• Establishing an SMSF
  • Obtaining loan approval for an SMSF to buy property
  • Establishing a Bare Trust
  • Sourcing Property for an SMSF
  • Ensuring your Investment Strategy is sound and acceptable to the ATO
  • Holding your hand through all aspects of the transaction to ensure it progresses smoothly and avoids all ATO scrutiny.

RBA Reduces the Cash Rate to a New Record Low of 2.75%

Wednesday, May 08, 2013

The RBA has again moved into new territory today – with the board deciding to reduce the cash rate by 25 basis points to an all-time low of 2.75%! Depending on how the major lenders choose to pass on these savings – this could result in homeowners paying the lowest rates on their mortgages in recent history – which is going to be welcome news to most!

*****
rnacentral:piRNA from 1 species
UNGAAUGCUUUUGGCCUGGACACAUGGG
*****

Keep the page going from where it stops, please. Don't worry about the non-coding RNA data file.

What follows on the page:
The RBA – citing low inflation numbers and generally pessimistic market expectations – reduced the cash rate to again attempt to spurn economic activity in wake of a global market which is again experiencing jitters – with the European debt market showing signs of volatility. The actions of the RBA to date have been relatively successful in maintaining a steady level of growth domestically – even if it is a bit less than predicted towards the end of last year.

As a result of this announcement it is important to take the time to compare what you are currently paying on your home loan with the best deals available in the market – as you could be paying thousands of dollars more than you should.


If you would like a mortgage review – FOR FREE – contact Tanya@wfscanberra.com.au

Huge Undersupply of Housing

Tuesday, May 07, 2013